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Learn English accents – Today the southern US English accent!

Do you want to improve your English listening skills? One way to do this is by listening to lots of different accents.

All forms of English are more or less the same, but in different English-speaking countries, there are variations in pronunciation and intonation.

So, it’s important to hear these different accents so you can become accustomed to the new sounds. In this lesson, we’ll help you learn about the southern US English accent (from the southern states of the USA).

Level: Intermediate to Advanced (B1-C1)

Before we listen to this accent, let’s find out about the area that it’s from.

Location of the southern US accent

This accent is mostly spoken in states in the south of the United States such as Texas, Alabama, Georgia, Tennessee, Mississippi, North Carolina and South Carolina.

Famous people from southern US states

Owen Wilson (actor, Texas), Patrick Swayze (actor, Texas), Jennifer Love Hewitt (actress, Texas), Elvis Presley (singer, Mississippi), Tina Turner (singer, Tennessee), George Bush (politician, Texas), Dolly Parton (singer, Tennessee).

Origins of the southern US accent

This accent originated from immigrants from Britain and Ireland who moved to the South in the 17th and 18th centuries.

Special features of the southern US accent

Here are a few features of the southern US accent. Of course, not all southerners speak like this, and many speak “standard” American English.

  • The use of elongated vowel sounds. So, instead of a short “bed”, it’s a “beaaad”.
  • Many nouns are stressed on the first syllable. So, instead of “police

(with an accent on the second syllable), it’s “police” (with an accent on the first syllable). This happens with words such as “behind, guitar, before” and “cement”

  • The omission of auxiliary verbs. For example, “You nicer than Bute” (instead of, “You’re nicer than Bute”).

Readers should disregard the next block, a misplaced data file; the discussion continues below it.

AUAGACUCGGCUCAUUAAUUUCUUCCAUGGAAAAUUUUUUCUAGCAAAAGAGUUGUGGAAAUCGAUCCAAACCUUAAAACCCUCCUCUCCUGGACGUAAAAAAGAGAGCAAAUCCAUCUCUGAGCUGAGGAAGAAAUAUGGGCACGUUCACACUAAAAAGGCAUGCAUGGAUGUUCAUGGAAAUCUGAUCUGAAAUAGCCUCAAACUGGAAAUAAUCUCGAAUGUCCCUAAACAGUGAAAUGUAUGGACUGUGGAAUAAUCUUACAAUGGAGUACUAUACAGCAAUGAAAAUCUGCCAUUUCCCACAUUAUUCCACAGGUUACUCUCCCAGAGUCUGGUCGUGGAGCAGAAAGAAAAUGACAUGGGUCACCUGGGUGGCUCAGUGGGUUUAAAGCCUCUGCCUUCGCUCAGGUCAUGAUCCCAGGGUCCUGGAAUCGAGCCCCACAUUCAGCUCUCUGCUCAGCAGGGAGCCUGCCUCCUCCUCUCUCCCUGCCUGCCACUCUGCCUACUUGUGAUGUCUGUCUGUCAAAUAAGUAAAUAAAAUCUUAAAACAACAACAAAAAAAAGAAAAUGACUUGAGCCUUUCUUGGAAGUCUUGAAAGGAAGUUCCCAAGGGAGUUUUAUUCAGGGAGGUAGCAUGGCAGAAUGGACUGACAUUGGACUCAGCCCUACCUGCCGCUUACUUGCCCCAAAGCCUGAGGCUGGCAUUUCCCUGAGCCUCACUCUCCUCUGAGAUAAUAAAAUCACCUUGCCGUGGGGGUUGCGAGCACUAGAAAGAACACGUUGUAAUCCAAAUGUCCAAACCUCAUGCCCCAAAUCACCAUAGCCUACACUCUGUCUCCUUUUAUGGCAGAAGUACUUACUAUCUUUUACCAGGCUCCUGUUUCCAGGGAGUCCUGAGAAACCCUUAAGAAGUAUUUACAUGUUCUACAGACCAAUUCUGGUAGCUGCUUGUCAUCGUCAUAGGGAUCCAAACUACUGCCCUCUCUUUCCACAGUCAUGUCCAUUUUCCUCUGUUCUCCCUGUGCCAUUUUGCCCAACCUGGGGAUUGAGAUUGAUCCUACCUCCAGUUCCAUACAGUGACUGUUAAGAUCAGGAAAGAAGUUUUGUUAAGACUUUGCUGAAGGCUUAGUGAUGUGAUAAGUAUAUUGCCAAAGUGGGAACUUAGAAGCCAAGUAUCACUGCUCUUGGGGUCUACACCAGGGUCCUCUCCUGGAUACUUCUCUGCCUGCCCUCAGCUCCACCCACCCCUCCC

• The use of “y’all” to mean “you all”. For example, “How y’all?” (“How are you all?”).
  • The use of past participles instead of past tenses. For example, “I seen him before.”
  • The use of “was” instead of “were” or vice versa. For example, “They was sitting on chairs.”
  • The use of “been” instead of “have been”. For example, “I been waiting here for two hours.”
  • The use of non-standard negatives. For example, “He don’t like it” (instead of “He doesn’t like it”).

Now sit back and listen to Bonnie Lee talking about the southern US accent in an authentic southern US accent.


Audio script

Well, howdy Andy. I think, we…in Texas we like to make our words a lot longer. We got a lot of time in Texas, so we just make the words as long as we can make ‘em.
Yeah, like the word, the word “bed”, you know, that’s where I go to “bed” at night, but sometimes the people up north don’t understand me. Well, pretty much any word that has that…any word like “friend” or “pen”, you know, if I need to borrow a “pen”, sometimes people think I’m talking about something that you make bread in (a “pan”), but I’m talking about a “pen” to write with. Well, down in Texas, we like to say things like “howdy,” “how ya’ll doin’?” “Wassup?” Well, sure. I was taking this art class once, and we were talking about this girl’s drawing, and we thought that… And the teacher said “well that drawing is really ‘special’” and it took us a while to figure out if she meant that it needed some more space (“spatial”), if it had a lot of space, or if it was really special, you know like a birthday or something.

A lot more opportunity to practice and learn English accents in our Complete Method for students, check it out here below

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